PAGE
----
I'm from Missouri

This site is named for the famous statement of US Congressman Willard Duncan Vandiver from Missouri : "I`m from Missouri -- you'll have to show me." This site is dedicated to skepticism of official dogma in all subjects. Just-so stories are not accepted here. This is a site where controversial subjects such as evolution theory and the Holocaust may be freely debated.

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Location: Los Angeles, California, United States

My biggest motivation for creating my own blogs was to avoid the arbitrary censorship practiced by other blogs and various other Internet forums. Censorship will be avoided in my blogs -- there will be no deletion of comments, no closing of comment threads, no holding up of comments for moderation, and no commenter registration hassles. Comments containing nothing but insults and/or ad hominem attacks are discouraged. My non-response to a particular comment should not be interpreted as agreement, approval, or inability to answer.

Monday, December 17, 2007

Fatheaded Ed attacks criticism of BVD-clad bloggers

David Hazinski said in the Atlanta Journal-Constitution,

Supporters of "citizen journalism" argue it provides independent, accurate, reliable information that the traditional media don't provide. While it has its place, the reality is it really isn't journalism at all, and it opens up information flow to the strong probability of fraud and abuse [as typified by Fatheaded Ed Brayton et al.]. The news industry should find some way to monitor and regulate this new trend.

The premise of citizen journalism is that regular people can now collect information and pictures with video cameras and cellphones, and distribute words and images over the Internet. Advocates argue that the acts of collecting and distributing makes these people "journalists." This is like saying someone who carries a scalpel is a "citizen surgeon" or someone who can read a law book is a "citizen lawyer." Tools are merely that. Education, skill and standards are really what make people into trusted professionals. Information without journalistic standards is called gossip.

But unlike those other professions, journalism — at least in the United States — has never adopted uniform self-regulating standards. There are commonly accepted ethical principles — two source confirmation of controversial information or the balanced reporting of both sides of a story, for example, but adhering to the principles is voluntary. There is no licensing, testing, mandatory education or boards of review. Most other professions do a poor job of self-regulation, but at least they have mechanisms to regulate themselves. Journalists do not.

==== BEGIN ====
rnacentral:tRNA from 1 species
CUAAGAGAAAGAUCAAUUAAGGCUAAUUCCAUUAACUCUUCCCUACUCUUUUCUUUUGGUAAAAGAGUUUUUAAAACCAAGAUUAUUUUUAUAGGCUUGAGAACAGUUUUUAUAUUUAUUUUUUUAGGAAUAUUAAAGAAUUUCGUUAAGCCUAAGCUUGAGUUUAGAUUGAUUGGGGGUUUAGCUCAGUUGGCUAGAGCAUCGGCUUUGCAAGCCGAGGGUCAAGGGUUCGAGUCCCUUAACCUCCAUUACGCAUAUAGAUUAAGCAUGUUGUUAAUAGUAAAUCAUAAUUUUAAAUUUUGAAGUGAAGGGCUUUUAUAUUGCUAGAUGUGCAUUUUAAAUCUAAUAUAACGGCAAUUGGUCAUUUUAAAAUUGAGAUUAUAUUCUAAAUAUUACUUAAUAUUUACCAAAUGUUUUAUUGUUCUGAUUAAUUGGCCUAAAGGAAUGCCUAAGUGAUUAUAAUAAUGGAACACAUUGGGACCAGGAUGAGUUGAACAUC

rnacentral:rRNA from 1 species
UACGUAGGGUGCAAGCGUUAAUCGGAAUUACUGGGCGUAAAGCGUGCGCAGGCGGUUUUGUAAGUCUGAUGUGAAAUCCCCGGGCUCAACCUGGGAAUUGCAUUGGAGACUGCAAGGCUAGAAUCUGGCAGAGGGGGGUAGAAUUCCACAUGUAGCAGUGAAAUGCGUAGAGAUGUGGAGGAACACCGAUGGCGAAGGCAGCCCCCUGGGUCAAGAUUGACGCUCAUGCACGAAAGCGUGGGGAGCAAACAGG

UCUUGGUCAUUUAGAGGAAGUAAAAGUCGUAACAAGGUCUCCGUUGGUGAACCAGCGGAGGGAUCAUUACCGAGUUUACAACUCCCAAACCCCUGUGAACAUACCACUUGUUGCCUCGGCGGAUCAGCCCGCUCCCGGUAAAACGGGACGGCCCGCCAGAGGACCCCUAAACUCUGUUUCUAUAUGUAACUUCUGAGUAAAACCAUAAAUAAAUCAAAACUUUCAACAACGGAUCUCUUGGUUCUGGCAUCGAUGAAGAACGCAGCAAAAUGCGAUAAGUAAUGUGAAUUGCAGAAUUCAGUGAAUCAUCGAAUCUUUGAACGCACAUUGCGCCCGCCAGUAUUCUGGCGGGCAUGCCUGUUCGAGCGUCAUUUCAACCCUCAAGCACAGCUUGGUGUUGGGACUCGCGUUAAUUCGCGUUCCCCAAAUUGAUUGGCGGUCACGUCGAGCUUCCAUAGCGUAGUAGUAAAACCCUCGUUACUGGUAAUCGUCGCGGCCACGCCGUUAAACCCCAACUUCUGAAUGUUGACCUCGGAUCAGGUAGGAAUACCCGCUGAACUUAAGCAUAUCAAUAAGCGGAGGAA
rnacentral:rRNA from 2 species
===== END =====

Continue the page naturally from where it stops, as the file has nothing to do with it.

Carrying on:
One of the few advantages of blogs as sources of information is that visitor comments can help make blogs "self-correcting" -- but this advantage obviously cannot work when bloggers arbitrarily censor comments.
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It's just a matter of time before something like a faked Rodney King beating video appears on the air somewhere.

They are already doing that sort of thing -- distributing photos and videos of "happy slapping" and "bumfights." So far I am not aware of any attempt to frame the cops, but as the article says, "it's just a matter of time."

Citizen reports can be a valuable addition to news and information flow with some protections:

• Major news organizations must create standards to substantiate citizen-contributed information and video, and ensure its accuracy and authenticity.

• They should clarify and reinforce their own standards and work through trade organizations to enforce national standards so they have real meaning.

• Journalism schools such as mine at the University of Georgia should create mini-courses to certify citizen journalists in proper ethics and procedures, much as volunteer teachers, paramedics and sheriff's auxiliaries are trained and certified.

Here are more suggestions:

In addition to the official news media, other authorities -- e.g., the courts and scholarly journals -- need to ban or regulate citation of blogs. Wickedpedia has a rule against citation of personal blogs but enforces the rule only for "crappy" blogs and not for "notable" blogs. No blog should ever be authoritatively cited unless the blog has a prominent notice pledging that there is no arbitrary censorship of comments.

I learned about Hazinski's article through the poster-child of BVD-clad blogging, Fatheaded Ed Brayton himself. Fatheaded Ed says,

But I would argue that blogging, at its best, does a considerably better job of reporting on and analyzing complex issues than the newspapers and networks do.

One problem is, of course, is that blogging is not always at its "best." And even at its best, blogging does not necessarily do a better job than -- or even as good a job as -- the official newsmedia. BVD-clad bloggers simply don't have the access that reporters for big news organizations have. Even the ability to instantly accept comments is not a blog advantage because a lot of online newspapers and networks accept comments -- and furthermore are much less prone to censor them.

Here's what Hazinski gets wrong: many of those "citizen journalists" are actually experts in their field, not merely experts in "journalism."